March 10, 2010

Four officers join city police force

DAVID HENCH

— By

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Gregory Rec/Staff Photographer: Jonathon Chris Havens, Eric Johnson, Charles Ames and Dan Aquilera, left to right, are sworn in as new Portland police officers by City Clerk Linda Cohen at the Portland Police Department on Friday, August 14, 2009.

Staff Writer

PORTLAND — In Dan Aquilera's hometown, he wouldn't have dared to walk down the street in the crisp, dark suit he wore Friday morning as he was sworn in as one of Portland's newest police officers.

In La Guaira, Venezuela, he would have been mugged.

That is, unless his uncle, a police officer, was around.

''He would walk into that neighborhood and everybody would know, 'We're safe now. He's here,''' Aquilera said.

That sense of calm and security that his uncle provided led Aquilera to pursue a career in law enforcement. ''Hopefully, somebody will see me and say, 'Oh, we can play now,''' he said.

Aquilera was among four officers sworn in by City Clerk Linda Cohen, a group whose future in the department hinged on the willingness of other officers to accept a pay freeze.

Aquilera, Charles Ames, Jonathan ''Chris'' Havens and Eric Johnson will now go to the Maine Criminal Justice Academy in Vassalboro for training. They will be ready to hit the streets of Portland in December.

Each of the officers has demonstrated a commitment to public service, city officials say.

Havens, a native of Lexington, Ky., who grew up in Wiscasset, is a National Guard member designated a sharpshooter and expert with an M16 rifle.

Johnson, who graduated from the Maine School of Science and Mathematics and then the University of Maine, is the son of a former Portland emergency dispatcher and jail administrator for two counties who is now harbor master for Stonington.

Ames, a member of the Mountain Division from Vermont, served in Iraq in 2005. He was awarded the Purple Heart and received the Army Commendation for Valor for his actions during a firefight in Ramadi.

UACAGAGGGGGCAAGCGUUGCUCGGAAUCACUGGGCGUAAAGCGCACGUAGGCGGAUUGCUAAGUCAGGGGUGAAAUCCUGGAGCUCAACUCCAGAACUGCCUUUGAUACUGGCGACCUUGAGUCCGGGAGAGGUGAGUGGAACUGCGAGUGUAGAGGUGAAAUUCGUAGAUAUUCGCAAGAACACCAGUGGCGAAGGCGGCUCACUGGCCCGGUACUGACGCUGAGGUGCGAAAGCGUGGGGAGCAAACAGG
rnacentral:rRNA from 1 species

In Aquilera's case, the commitment has included resisting gangs in Miami, chasing drug smugglers with the Coast Guard and becoming a U.S. citizen.

''I want to give back to my new country,'' he said, moments after Police Chief James Craig presented the men with their badges and police identification.

Aquilera said his grandmother was a missionary from the United States who traveled to Venezuela, where she met his grandfather.

Growing up in La Guaira was a challenge, with widespread poverty and about 40 murders every weekend. He lived in a wood-floor shanty, and water was available once a week. His family would add water to an empty ketchup bottle and shake it to get the last of the sauce, he said with a friendly smile.

Conditions worsened after Hugo Chavez took power in the 1990s and the government began land conscription, Aquilera said. His father opted to sell his property and buy three plane tickets to the United States, he said.

As Aquilera grew up in a poor neighborhood in Miami, learning English, staying safe and avoiding recruitment by gangs were a daily struggle. He was helped by his ambition and the morals his grandmother instilled in him.

Eventually, Aquilera graduated from high school and joined the Coast Guard. He was stationed at Air Station Cape Cod and aboard the Reliant, a cutter based at the Portsmouth Naval Shipyard in Kittery. While stationed there he met his future wife, Jessica. After the birth of their daughter, Shiloh, nine months ago, Aquilera decided to leave the Coast Guard for the stability of raising a child in Portland, where he said the education, low crime rate and cultural amenities are exceptional.

Chief Craig praised the four recruits sworn in Friday as a talented group of young men, drawn from a broad pool of qualified applicants. He commended the patrol officers union for accepting a wage freeze so the department could avoid layoffs, which would have made it impossible to hire the officers.

Craig noted that Aquilera, who is Hispanic, and Havens, who is African-American, will help diversify the department so it more closely reflects the community.

The four new officers bring the department up to full strength, with 158 sworn personnel. A federal grant will eventually enable the department to hire six more officers.

Staff Writer David Hench can be contacted at 791-6327 or at:

dhench@pressherald.com

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